Whites, Minorities Differ in Views of Economic Opportunities in U.S.

by Joseph Carroll

Most see education system as solution to inequality

GALLUP NEWS SERVICE

PRINCETON, NJ -- Gallup's annual Minority Rights and Relations Poll underscores the different economic realities faced by whites and minorities in the United States. While a majority of non-Hispanic whites think racial minorities and whites have equal job opportunities, the majority of Hispanics and vast majority of blacks disagree. Blacks are much more likely than whites or Hispanics to say unemployment is the most important problem facing the country. Most blacks feel that American society is divided into the "haves" and the "have-nots," and blacks as well as Hispanics are more likely to say they belong to the "have-nots" group. Blacks and Hispanics also express more concern than whites about meeting their family's expenses. The differences are even greater on the subject of jobs.

When asked to describe what could be done to improve conditions for blacks in this country, all three racial and ethnic groups most frequently mention improving the nation's education system. However, substantial numbers of blacks and Hispanics believe blacks need to be provided with more job opportunities.

Job Opportunities

The June 8-25 poll, which includes oversamples of approximately 500 blacks and 500 Hispanics, finds stark differences in whites' and minorities' views of job opportunities in the United States. A majority of whites, 53%, believe that whites and minorities have equal job opportunities, but 34% of Hispanics and just 17% of blacks agree. The vast majority of blacks, 81%, dispute the notion of equal job opportunities. That general pattern is consistent across the six years Gallup has conducted this survey.

Blacks are also more likely than either whites or Hispanics to mention unemployment as the most important problem facing the country. Twelve percent of blacks, compared with 6% of whites and 3% of Hispanics, mention unemployment in response to this open-ended question.

For all three groups, the current situation in Iraq ranks as the most important problem facing the nation right now. But, unemployment ranks second among blacks, while it does not appear among the top five issues listed by either whites or Hispanics. Immigration is a much higher priority for whites and Hispanics than blacks.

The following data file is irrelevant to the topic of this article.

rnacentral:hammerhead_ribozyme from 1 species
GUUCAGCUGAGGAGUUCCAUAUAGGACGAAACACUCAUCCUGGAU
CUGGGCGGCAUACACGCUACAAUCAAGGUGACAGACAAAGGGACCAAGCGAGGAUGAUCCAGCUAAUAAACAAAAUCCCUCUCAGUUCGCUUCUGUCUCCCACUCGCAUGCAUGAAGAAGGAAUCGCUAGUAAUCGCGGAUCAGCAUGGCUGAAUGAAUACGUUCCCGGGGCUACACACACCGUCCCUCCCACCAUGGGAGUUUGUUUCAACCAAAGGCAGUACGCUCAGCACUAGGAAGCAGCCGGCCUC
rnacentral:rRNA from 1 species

Most Important Problem: Top Five Problems by Racial Groups
June 8-25, 2006

Rank

Non-Hispanic Whites

Blacks

Hispanics

1

The war in Iraq (23%)

The war in Iraq (33%)

The war in Iraq (28%)

2

Immigration (19%)

Unemployment (12%)

Immigration (21%)

3

Healthcare (13%)

Government (10%)

Terrorism (9%)

4

Fuel/oil prices (10%)

Economy (9%)

Economy (8%)

5

Economy (8%)

Crime (7%)

Government (6%)

Education (8%)

A Divided Nation

Gallup finds that blacks are much more likely than whites or Hispanics to agree with the notion that society is divided into the "haves" and "have-nots." Roughly two in three blacks (67%) say American society is divided into these two classifications, while only 42% of whites and 31% of Hispanics feel this way. Most whites (57%) and Hispanics (64%) say American society is not divided. Hispanics are the least likely of the three groups to acknowledge such a division.

In fact, the current percentage of blacks holding this view is the highest Gallup has measured in the five times it has asked this question since 1988. Whites have also become more likely to see society as divided over time, though most of the increase occurred between 1988 and 1998. Still, the 42% with this opinion in the current poll is the highest Gallup has measured among whites.

Gallup also asks respondents to say which group they think they belong in. More blacks and Hispanics say they belong in the "have-not" rather than the "have" group -- by a 49% to 41% margin among blacks and by a 45% to 41% margin among Hispanics. More than 6 in 10 whites (62%) say they belong to the "haves," while 32% say the "have-nots."

Blacks and Hispanics may be more likely to think of themselves as "have-nots" because they report a greater amount of worry about meeting their family's expenses and bills than do whites, even though a majority of all three racial groups say they only worry about this some of the time or almost never.